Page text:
This is the year of net­work power


The Financial Express - - FRONT PAGE -

IN­DIA’S bad macros are well known, but what makes me bullish is all the stuff that’s hap­pen­ing un­der the hood, the cre­ation of net­works and plat­forms which are crit­i­cal if we want to fix In­dia’s prob­lems — fix the high-fre­quency, low-value trans­ac­tions that af­fect mil­lions, and you’ve fixed In­dia.

Net­works and plat­forms needn’t nec­es­sar­ily be an IT thing, they could be ru­ral roads — In­dia has built 3.5 lakh km of ru­ral roads in the last decade — that help peo­ple move to other ar­eas to get jobs, to sell their goods and ser­vices. The fact that we have 600 mil­lion peo­ple with mo­bile phones helps peo­ple to sell their wares.

An ICRIER study found that states with a 10% higher mo­bile phone pen­e­tra­tion had, on av­er­age, a 1.2% higher GDP growth; another found ev­ery 10% hike in in­ter­net and broad­band pen­e­tra­tion raised GDP by 1.08%.

Take Aad­haar, another great ex­am­ple of net­works and plat­forms. We gave out the first Aad­haar on Septem­ber 29, 2010, we had 21 crore en­rol­ments in Novem­ber 2012 and we have 51 crore to­day — we will be at 60 crore by June. LPG was the proof of con­cept. Over 1.8 crore peo­ple in 184 dis­tricts have been given Rs 2,000 crore of LPG sub­si­dies since June — that’s 16 crore an­nual trans- ac­tions that can be done since nine cylin­ders are to be sub­sidised, and we’ve just cov­ered 10-15% of LPG users. This is the tip­ping point, and we haven’t touched other trans­ac­tions yet.

Look at the spinoffs. Once you ex­tend this to all LPG, you can get a Shell or an RIL back into LPG dis­tri­bu­tion. Do this for diesel and kerosene and, sud­denly, while peo­ple con­tinue to get sub­sidised, the en­tire mar­ket is freed up and you have pri­vate sec­tor play­ers mak­ing in­vest­ments in the pro­duc­tion and dis­tri­bu­tion net­works that the PSUs alone can­not pos­si­bly han­dle.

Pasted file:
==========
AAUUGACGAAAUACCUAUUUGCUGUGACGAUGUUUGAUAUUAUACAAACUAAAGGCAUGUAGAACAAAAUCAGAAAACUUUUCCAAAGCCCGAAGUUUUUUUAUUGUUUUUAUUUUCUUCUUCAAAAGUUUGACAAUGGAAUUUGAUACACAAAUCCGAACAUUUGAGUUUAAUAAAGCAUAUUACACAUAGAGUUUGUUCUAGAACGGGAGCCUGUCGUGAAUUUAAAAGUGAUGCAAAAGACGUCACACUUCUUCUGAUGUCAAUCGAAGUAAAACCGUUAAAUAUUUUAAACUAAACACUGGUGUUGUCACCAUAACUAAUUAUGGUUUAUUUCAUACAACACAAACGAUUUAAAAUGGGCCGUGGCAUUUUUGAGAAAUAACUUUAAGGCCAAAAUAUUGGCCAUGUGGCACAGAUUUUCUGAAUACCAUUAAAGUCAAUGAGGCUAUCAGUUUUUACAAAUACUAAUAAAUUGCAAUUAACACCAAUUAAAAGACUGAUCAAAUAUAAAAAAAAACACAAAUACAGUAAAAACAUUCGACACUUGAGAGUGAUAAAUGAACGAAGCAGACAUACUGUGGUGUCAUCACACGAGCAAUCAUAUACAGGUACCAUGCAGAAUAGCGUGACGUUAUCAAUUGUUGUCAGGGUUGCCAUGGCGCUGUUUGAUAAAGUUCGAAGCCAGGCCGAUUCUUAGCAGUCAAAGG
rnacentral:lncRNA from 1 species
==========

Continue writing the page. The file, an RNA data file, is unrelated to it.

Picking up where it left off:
You don’t no­tice th­ese changes ev­ery day, but sud­denly they be­come so big, the net­work im­pact be­comes large. A mo­bile in­ter­net user base of 30-40 mil­lion a year is one thing, but when you reach 140-200 mil­lion users as we have now, the im­pact is very dif­fer­ent. That’s when the laws of in­creas­ing re­turn kick in — the more peo­ple with cell phones, the cheaper it be­comes to con­tact some­one; the more Aad­haar num­bers you have, the eas­ier it be­comes to trans­fer money us­ing Aad­haar num­bers.

Go­ing dig­i­tal also plays very well into the mo­bil­ity of In­di­ans. In the old days, the sys­tem was geared to­wards lack of mo­bil­ity. You lived in one place so you had one fixed line, you had one job so your EPFO ac­count was linked to that, you got your ra­tions from one ra­tion shop, your health records were with your GP, your bank ac­count was in the neigh­bour­hood…

The mo­bile phone lib­er­ated peo­ple from their lo­ca­tion, the New Pen­sion Scheme will change the face of old age in In­dia since your pen­sions will fol­low you. Aad­haar­based trans­fers mean you will get your PDS wher­ever you live...

Since all th­ese changes are about con­ve­nience, they lower trans­ac­tion costs — you don’t spend a day try­ing to find out if your pen­sion has ar­rived. Make a bil­lion peo­ple more pro­duc­tive, and the jump in GDP growth is ob­vi­ous. This is the year of fix­ing low-value-high-fre­quency trans­ac­tions. Prob­lem-solv­ing is rel­e­vant only if you have scale, and scale hap­pens with sim­plic­ity — com­plex­ity cre­ates lead feet.

This brings me to the next crit­i­cal part, that of cre­at­ing plat­forms. Whether it is the in­ter­net or GPS, th­ese were built with pub­lic money — this is the plat­form on which you have Google and Face­book. That’s what we’ve done with Aad­haar — we al­ready have peo­ple de­vel­op­ing mi­cro-ATMs that use Aad­haar or scan­ners for as lit­tle as Rs 2,000, once again based on Aad­haar. The iPhone 5C, for in­stance, has a fin­ger­print scan­ner... It is just a mat­ter of time be­fore there are apps for this on other phones. Imag­ine the rev­o­lu­tion in apps that this will spawn.

Or take Ak­shay Pa­tra, which pro­vides 13 lakh meals a day to chil­dren in 9,000 schools across nine states from 20 cen­tralised kitchens. The in­no­va­tion lies in the use of ma­chin­ery to make food, in the hub-and-spoke ap­proach to dis­tri­bu­tion and, most im­por­tant, the model is com­pletely repli­ca­ble and scal­able.

2014 is the year of net­work power, whether in elec­tion cam­paign­ing/fund­ing or else­where, and the good news is that we’ve reached tip­ping point. ( as told to Su­nil Jain)


Newspapers in English

Newspapers from India

© PressReader. All rights reserved.